Finding humour even in shaky times

2020 is half-spent in counting horror stories of all kinds


Lalit Raizada

It was not in jest. I meant it when during an informal gathering in our housing complex the other day, I suggested to my co-residents to go to bed properly clad. I told them, “Earthquake comes unannounced. You never know when it might drive you out to an open area.”

Rushing out wearing minimal clothing might cause embarrassment in a mixed gathering of men, women and children. I said I was saying this because of the frequency of tremors that have been jolting people in various parts of the country — from Jammu & Kashmir in the north to Punjab, Haryana, Delhi; Rajasthan, Gujarat to Maharashtra in the West.

It hit Mizoram in the east four times in a week, once with a magnitude of 5.6 on the Richter scale. Otherwise, the tremors have fortunately been of low to moderate intensity, causing little damage.

The fact that the quake occurred 17 times in a month (June 2020) continues to raise apprehensions bordering on genuine fears among the people. Nobody knows what is in store for the morrow. So better be on guard always.


Earthquake is a serious matter, 

but sometimes, it creates comical 

situations in high-rise buildings


The year 2020 is half-spent in counting the horror stories of all kinds that continue to bombard us, sending chills down our spine every now and then. However, during the light-hearted conversation, a young neighbour wondered what he would do if he were in the loo during an earthquake.

As we sat imagining and smiling at his predicament, he shyly disclosed that during the last quake sometime ago, he was literally caught with his pants down in the washroom. As the building shook suddenly, he was in a bind; to rush out in ‘as is where is’ position or move out after completing the ablution process.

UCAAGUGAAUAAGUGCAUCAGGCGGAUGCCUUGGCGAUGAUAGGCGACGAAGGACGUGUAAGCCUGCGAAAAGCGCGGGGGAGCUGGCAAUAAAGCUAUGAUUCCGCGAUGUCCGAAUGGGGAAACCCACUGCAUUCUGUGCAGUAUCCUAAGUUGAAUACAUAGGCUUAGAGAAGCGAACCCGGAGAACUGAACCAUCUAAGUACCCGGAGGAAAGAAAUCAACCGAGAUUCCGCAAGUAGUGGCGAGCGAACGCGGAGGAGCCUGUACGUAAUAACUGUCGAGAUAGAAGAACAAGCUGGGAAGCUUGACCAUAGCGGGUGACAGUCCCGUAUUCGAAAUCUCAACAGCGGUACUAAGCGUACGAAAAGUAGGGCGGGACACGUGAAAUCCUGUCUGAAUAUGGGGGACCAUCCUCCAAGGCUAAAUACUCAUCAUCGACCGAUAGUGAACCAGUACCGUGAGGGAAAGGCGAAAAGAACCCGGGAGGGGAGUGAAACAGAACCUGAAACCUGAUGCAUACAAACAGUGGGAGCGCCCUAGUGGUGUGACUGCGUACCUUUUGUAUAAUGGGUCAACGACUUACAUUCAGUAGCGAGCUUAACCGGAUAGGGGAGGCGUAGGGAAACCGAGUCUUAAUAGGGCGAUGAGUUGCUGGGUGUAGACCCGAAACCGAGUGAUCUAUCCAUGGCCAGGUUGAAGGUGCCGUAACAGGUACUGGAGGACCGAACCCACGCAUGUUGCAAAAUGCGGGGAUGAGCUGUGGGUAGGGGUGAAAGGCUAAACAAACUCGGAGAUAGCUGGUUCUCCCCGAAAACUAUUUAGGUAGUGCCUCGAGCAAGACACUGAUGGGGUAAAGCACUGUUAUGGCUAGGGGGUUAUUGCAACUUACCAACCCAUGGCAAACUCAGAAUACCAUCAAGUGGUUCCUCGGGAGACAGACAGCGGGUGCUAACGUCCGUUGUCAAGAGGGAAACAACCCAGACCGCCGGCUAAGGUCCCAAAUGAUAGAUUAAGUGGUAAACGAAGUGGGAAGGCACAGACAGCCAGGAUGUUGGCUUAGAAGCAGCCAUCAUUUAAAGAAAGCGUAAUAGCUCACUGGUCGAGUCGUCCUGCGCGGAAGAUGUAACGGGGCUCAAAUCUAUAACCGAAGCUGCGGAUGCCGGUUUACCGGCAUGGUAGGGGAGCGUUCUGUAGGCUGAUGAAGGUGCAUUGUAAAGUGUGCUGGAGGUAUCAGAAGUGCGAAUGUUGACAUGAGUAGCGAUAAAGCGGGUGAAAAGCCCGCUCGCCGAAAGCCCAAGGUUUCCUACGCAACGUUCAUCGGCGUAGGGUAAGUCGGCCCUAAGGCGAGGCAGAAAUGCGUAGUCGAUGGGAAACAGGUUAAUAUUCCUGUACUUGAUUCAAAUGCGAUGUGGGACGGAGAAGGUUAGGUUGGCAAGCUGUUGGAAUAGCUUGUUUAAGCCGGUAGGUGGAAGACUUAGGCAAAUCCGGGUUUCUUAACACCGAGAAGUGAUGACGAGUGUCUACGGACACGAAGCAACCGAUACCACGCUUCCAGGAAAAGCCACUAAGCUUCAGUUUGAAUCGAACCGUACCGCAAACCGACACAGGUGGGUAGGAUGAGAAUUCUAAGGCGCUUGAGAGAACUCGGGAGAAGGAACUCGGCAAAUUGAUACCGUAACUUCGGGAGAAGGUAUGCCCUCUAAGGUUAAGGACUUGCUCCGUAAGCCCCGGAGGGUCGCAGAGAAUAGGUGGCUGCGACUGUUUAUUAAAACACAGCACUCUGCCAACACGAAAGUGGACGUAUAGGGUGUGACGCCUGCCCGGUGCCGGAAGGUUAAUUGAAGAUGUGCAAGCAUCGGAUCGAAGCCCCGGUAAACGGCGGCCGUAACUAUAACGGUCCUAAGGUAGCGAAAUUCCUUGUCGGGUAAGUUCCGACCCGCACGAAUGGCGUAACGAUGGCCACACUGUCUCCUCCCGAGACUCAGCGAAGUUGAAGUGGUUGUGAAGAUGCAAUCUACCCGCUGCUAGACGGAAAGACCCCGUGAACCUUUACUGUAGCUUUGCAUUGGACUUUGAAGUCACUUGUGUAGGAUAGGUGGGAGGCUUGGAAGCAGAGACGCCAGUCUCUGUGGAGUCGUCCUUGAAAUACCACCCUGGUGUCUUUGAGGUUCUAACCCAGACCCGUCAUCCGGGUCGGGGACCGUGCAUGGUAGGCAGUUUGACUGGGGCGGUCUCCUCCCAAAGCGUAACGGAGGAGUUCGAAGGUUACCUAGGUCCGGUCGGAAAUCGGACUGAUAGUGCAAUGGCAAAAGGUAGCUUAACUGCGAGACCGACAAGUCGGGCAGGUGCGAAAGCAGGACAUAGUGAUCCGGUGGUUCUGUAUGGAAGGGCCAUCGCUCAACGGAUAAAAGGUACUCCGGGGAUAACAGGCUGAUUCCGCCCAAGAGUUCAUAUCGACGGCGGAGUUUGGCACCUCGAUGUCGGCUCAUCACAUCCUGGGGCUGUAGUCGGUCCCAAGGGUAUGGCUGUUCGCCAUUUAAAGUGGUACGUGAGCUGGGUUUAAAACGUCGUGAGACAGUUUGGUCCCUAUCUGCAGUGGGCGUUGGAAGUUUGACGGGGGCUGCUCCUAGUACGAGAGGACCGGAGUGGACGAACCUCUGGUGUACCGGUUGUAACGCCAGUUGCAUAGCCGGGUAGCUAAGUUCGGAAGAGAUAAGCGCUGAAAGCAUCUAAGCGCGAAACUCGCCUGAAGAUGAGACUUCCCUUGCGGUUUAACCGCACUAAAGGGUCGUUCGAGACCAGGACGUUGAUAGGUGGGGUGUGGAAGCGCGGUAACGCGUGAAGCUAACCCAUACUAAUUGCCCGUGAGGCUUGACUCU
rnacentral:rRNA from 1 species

We all laughed out loud and despite requests to tell us what eventually happened, he refused to disclose the state in which he came out.

In earlier times, earthquakes did not evoke much concern. This was because most dwellings were single-storeyed and had expansive courtyards to rush to. There was no pressure on space. And the two or three-storeyed ones were in most cases conjoined with neighbouring houses insulating each other against the tremors. But today’s multi-storeyed structures, notwithstanding architectural safeguards, have their own merits and demerits.

Comic tragedy

Earthquake is a serious matter, but sometimes, it creates comical situations in high-rise buildings. I am reminded of one night when our building started shaking and rumbling at 2am. Those living on the first and second floors did not have any problem but others faced awkward moments. So many persons, old and young, coming down the stairs with the speed of a youngster, presented a typical scene. But the cynosure of all eyes was a person who kept struggling hard to tie up the lungi (a long piece of fabric worn as a loincloth) around his bare body in the midst of the crowd.

Another male neighbour, clad in his bare essentials, clutched his toddler in his right arm and held his wife’s hand from the other one. This must have been a tough exercise while rushing down the staircase from the seventh floor. It was only when they reached the lawns, where everyone had assembled, that he realised he had forgotten to wear clothes.

Another lady evoked peals of laughter even in that situation when she came down wrapped in a bedsheet, which she hastily picked up from her bed. Obviously, there was little time to get properly clad at that unearthly hour. The embarrassment was writ large on her face but later even she joined in laughing with us.

Later, I learnt that in one apartment, the quake had made a housewife lash out at her spouse for disturbing her by recklessly shaking their bed at that odd hour.

It seems that earthquakes have become the order of the day the world over. It makes all sense to be battle (quake) ready all the time — day or night.


 Lalit Raizada is a journalist based in India.